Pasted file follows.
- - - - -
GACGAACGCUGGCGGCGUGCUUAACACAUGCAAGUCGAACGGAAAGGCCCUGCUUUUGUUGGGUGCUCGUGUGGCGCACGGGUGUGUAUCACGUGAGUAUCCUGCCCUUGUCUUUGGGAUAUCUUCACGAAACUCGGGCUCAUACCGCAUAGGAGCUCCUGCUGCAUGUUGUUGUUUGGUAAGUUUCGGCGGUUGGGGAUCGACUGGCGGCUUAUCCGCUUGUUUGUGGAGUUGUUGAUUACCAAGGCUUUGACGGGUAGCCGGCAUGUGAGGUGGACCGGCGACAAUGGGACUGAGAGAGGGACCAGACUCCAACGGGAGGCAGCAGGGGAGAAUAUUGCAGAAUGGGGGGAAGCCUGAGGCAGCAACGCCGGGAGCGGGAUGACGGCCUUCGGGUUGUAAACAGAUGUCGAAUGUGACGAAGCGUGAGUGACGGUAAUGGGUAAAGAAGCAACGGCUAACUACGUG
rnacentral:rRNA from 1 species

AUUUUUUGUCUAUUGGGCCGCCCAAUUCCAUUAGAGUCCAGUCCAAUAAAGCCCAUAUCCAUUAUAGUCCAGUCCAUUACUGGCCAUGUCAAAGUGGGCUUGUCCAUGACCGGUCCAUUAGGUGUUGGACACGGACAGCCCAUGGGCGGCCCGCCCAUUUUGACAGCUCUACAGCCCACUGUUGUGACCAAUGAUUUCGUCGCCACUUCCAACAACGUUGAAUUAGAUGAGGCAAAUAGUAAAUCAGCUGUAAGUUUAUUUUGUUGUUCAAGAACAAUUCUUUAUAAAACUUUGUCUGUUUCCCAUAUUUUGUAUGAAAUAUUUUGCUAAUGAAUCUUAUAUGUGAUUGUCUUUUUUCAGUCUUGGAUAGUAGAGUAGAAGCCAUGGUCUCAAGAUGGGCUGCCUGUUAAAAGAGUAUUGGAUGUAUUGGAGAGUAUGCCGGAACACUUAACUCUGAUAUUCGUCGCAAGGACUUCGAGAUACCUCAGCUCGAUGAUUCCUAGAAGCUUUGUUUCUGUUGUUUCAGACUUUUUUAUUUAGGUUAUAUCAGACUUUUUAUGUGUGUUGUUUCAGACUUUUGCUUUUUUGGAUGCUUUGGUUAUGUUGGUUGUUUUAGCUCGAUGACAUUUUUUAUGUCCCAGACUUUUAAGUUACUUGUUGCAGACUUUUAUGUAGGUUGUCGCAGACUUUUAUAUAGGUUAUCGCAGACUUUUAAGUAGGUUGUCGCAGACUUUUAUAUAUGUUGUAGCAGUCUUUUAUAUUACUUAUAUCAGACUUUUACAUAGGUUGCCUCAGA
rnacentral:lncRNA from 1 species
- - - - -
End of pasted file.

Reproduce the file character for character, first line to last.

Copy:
GACGAACGCUGGCGGCGUGCUUAACACAUGCAAGUCGAACGGAAAGGCCCUGCUUUUGUUGGGUGCUCGUGUGGCGCACGGGUGUGUAUCACGUGAGUAUCCUGCCCUUGUCUUUGGGAUAUCUUCACGAAACUCGGGCUCAUACCGCAUAGGAGCUCCUGCUGCAUGUUGUUGUUUGGUAAGUUUCGGCGGUUGGGGAUCGACUGGCGGCUUAUCCGCUUGUUUGUGGAGUUGUUGAUUACCAAGGCUUUGACGGGUAGCCGGCAUGUGAGGUGGACCGGCGACAAUGGGACUGAGAGAGGGACCAGACUCCAACGGGAGGCAGCAGGGGAGAAUAUUGCAGAAUGGGGGGAAGCCUGAGGCAGCAACGCCGGGAGCGGGAUGACGGCCUUCGGGUUGUAAACAGAUGUCGAAUGUGACGAAGCGUGAGUGACGGUAAUGGGUAAAGAAGCAACGGCUAACUACGUG
rnacentral:rRNA from 1 species

AUUUUUUGUCUAUUGGGCCGCCCAAUUCCAUUAGAGUCCAGUCCAAUAAAGCCCAUAUCCAUUAUAGUCCAGUCCAUUACUGGCCAUGUCAAAGUGGGCUUGUCCAUGACCGGUCCAUUAGGUGUUGGACACGGACAGCCCAUGGGCGGCCCGCCCAUUUUGACAGCUCUACAGCCCACUGUUGUGACCAAUGAUUUCGUCGCCACUUCCAACAACGUUGAAUUAGAUGAGGCAAAUAGUAAAUCAGCUGUAAGUUUAUUUUGUUGUUCAAGAACAAUUCUUUAUAAAACUUUGUCUGUUUCCCAUAUUUUGUAUGAAAUAUUUUGCUAAUGAAUCUUAUAUGUGAUUGUCUUUUUUCAGUCUUGGAUAGUAGAGUAGAAGCCAUGGUCUCAAGAUGGGCUGCCUGUUAAAAGAGUAUUGGAUGUAUUGGAGAGUAUGCCGGAACACUUAACUCUGAUAUUCGUCGCAAGGACUUCGAGAUACCUCAGCUCGAUGAUUCCUAGAAGCUUUGUUUCUGUUGUUUCAGACUUUUUUAUUUAGGUUAUAUCAGACUUUUUAUGUGUGUUGUUUCAGACUUUUGCUUUUUUGGAUGCUUUGGUUAUGUUGGUUGUUUUAGCUCGAUGACAUUUUUUAUGUCCCAGACUUUUAAGUUACUUGUUGCAGACUUUUAUGUAGGUUGUCGCAGACUUUUAUAUAGGUUAUCGCAGACUUUUAAGUAGGUUGUCGCAGACUUUUAUAUAUGUUGUAGCAGUCUUUUAUAUUACUUAUAUCAGACUUUUACAUAGGUUGCCUCAGA
rnacentral:lncRNA from 1 species